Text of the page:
Wells Fargo & Co agrees to $110-mn deal to settle fraudulent accounts claims

Wells Fargo & Co has agreed to a $110-million settlement with customers nationwide over claims its employees set up fraudulent accounts to increase their own pay, in a deal that would help the lender close the scandal of last year.

After revelations that Wells Fargo employees might have opened over two million deposit and credit-card accounts without customers' permission, the San-Francisco-based lender had completely overhauled its systems. The bank scrapped its system of sales targets that regulators said encouraged workers to create fake accounts and also fired or demoted five people who had served as senior managers in the consumer business.

Wells Fargo had agreed, six months ago to pay $185 million in fines and penalties, under a settlement with federal regulators and the Los Angeles city attorney's office. However, as party to the deal, the bank did not admit or deny wrongdoing, as permitted by law.

The deal, announced yesterday by the bank and in a court filing, covered dozens of lawsuits filed across the country, including 10 in San Francisco federal court. The agreement would still need to be approved by a judge.

''We want to ensure that each customer impacted by our sales practices issue has every opportunity for remediation, and this agreement presents an additional option,'' Wells Fargo chief executive officer Tim Sloan said in a statement.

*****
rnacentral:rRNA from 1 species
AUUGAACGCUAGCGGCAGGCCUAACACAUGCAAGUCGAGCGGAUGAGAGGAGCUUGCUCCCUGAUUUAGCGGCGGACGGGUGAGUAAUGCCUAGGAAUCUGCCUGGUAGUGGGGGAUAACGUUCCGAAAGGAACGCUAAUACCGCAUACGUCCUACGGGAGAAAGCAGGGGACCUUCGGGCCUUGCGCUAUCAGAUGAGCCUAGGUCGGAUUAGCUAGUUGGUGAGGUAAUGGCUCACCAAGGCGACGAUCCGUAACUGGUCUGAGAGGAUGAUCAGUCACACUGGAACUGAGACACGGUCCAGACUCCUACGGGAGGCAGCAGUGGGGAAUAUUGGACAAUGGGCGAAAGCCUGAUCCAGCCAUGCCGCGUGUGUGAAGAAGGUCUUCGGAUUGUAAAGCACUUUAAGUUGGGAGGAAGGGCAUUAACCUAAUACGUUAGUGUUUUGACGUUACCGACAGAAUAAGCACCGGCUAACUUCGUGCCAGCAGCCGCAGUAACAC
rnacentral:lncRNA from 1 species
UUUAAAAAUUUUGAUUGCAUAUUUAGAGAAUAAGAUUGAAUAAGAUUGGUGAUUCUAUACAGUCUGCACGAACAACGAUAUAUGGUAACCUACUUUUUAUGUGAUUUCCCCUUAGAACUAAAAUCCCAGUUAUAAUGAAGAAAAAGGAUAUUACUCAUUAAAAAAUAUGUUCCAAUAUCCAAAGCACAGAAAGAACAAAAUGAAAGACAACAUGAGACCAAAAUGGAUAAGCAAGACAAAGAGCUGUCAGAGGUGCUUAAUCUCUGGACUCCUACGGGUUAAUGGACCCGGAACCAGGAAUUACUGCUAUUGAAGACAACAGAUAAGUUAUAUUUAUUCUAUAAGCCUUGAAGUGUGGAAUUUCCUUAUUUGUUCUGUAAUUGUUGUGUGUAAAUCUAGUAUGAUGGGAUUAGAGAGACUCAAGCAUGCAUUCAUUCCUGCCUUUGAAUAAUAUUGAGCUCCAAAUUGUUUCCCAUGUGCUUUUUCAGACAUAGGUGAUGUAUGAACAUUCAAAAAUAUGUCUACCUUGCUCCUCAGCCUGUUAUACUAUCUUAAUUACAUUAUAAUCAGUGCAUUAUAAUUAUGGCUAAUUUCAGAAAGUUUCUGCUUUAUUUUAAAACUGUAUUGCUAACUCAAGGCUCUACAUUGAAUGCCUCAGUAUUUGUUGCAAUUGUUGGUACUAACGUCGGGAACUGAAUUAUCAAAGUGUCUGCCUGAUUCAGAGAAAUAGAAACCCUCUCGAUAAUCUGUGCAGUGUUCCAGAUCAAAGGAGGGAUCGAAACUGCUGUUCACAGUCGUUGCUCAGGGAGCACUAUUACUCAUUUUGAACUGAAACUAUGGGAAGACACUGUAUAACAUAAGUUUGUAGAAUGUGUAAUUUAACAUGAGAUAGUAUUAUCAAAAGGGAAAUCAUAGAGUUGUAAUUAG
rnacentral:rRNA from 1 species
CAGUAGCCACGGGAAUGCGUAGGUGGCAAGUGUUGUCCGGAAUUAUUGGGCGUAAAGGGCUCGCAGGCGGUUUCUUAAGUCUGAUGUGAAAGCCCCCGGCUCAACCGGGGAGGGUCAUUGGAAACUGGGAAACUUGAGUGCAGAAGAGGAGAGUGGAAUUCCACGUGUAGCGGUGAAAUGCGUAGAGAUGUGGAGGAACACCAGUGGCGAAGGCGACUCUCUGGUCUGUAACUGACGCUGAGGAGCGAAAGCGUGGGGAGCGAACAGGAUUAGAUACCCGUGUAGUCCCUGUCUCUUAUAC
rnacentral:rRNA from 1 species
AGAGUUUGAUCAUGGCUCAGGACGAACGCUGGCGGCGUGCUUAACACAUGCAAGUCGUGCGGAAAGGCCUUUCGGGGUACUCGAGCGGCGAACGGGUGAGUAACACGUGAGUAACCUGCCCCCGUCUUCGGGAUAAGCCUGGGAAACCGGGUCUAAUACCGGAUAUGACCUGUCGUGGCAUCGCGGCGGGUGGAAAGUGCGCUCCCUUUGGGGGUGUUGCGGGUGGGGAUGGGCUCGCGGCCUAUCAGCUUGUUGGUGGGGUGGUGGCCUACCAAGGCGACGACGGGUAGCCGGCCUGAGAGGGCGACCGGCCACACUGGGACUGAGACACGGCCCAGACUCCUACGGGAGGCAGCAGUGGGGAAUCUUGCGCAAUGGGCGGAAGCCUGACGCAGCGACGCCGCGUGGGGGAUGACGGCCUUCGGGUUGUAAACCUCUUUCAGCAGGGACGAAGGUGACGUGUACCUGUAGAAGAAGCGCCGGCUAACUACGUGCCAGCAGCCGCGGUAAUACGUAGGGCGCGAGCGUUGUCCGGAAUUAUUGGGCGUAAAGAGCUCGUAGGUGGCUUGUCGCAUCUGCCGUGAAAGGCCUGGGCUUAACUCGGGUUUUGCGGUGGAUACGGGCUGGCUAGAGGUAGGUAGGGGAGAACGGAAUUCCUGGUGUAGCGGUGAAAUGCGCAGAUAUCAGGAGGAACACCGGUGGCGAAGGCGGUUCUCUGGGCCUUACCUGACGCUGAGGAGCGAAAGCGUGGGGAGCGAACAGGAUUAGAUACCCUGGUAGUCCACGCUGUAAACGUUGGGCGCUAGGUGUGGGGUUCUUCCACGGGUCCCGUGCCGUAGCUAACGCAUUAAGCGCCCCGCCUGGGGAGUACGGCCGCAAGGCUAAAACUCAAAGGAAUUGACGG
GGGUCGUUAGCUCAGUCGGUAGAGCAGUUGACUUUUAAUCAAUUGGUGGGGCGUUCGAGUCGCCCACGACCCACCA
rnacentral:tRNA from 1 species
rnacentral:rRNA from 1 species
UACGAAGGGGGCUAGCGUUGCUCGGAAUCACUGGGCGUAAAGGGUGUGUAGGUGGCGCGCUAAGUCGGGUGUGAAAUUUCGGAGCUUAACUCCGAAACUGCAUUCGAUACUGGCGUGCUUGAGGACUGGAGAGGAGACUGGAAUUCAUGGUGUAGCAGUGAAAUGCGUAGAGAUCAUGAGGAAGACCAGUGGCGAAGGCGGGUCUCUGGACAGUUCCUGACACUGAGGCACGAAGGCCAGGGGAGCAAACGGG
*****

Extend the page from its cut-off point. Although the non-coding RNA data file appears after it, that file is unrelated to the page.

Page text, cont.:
Meanwhile, in a report yesterday, the Office of the Comptroller of the Currency (OCC) faulted Wells Fargo for engaging in an ''extensive and pervasive pattern'' of discriminatory and illegal lending practices for years. Many of the cases, which the OCC had cited were announced years ago in settlements, including some misconduct that pre-dated the 2008 financial crisis.

The OCC had lowered the bank's overall compliance score with community banking laws to ''needs to improve.''

''We are disappointed with this rating given Wells Fargo's strong track record of lending to, investing in and providing service to low- and moderate-income communities,'' Sloan said in a separate statement. ''However, we are committed to addressing the OCC's concerns because restoring trust in Wells Fargo and building a better bank for our customers and our communities is our top priority.''